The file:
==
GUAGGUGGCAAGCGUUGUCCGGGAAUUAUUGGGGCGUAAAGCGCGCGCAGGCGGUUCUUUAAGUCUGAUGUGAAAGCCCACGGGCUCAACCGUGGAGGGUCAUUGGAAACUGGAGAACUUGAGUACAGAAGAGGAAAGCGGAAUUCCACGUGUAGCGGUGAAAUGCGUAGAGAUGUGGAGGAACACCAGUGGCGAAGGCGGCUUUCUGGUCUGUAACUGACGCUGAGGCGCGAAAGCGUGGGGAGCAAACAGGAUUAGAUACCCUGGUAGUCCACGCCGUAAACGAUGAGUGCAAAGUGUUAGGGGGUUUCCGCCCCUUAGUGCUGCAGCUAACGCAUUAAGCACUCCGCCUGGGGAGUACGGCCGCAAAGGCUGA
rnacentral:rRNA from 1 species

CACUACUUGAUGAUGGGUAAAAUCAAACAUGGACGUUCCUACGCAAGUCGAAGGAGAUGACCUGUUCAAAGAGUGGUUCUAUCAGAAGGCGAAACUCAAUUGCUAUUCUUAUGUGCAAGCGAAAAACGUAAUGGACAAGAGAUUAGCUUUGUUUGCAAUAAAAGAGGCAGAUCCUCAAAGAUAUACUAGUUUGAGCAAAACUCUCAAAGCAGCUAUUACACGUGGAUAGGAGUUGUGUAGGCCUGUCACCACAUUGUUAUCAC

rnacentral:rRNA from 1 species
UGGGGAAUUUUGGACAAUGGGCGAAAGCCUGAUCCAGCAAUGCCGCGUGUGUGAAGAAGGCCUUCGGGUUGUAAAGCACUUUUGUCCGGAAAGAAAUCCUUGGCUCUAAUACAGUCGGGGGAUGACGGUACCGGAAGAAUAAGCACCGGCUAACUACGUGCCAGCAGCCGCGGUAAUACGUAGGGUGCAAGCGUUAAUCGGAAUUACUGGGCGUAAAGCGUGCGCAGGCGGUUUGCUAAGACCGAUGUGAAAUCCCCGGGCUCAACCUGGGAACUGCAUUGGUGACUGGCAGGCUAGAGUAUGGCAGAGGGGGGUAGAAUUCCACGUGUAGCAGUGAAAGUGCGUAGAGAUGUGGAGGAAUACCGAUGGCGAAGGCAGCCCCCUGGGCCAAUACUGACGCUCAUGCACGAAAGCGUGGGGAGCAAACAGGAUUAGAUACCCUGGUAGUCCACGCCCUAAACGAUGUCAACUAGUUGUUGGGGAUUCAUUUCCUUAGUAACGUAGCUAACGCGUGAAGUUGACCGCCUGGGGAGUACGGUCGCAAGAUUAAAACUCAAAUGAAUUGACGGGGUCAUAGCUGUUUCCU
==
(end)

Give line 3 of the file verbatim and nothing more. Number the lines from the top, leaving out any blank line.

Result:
CACUACUUGAUGAUGGGUAAAAUCAAACAUGGACGUUCCUACGCAAGUCGAAGGAGAUGACCUGUUCAAAGAGUGGUUCUAUCAGAAGGCGAAACUCAAUUGCUAUUCUUAUGUGCAAGCGAAAAACGUAAUGGACAAGAGAUUAGCUUUGUUUGCAAUAAAAGAGGCAGAUCCUCAAAGAUAUACUAGUUUGAGCAAAACUCUCAAAGCAGCUAUUACACGUGGAUAGGAGUUGUGUAGGCCUGUCACCACAUUGUUAUCAC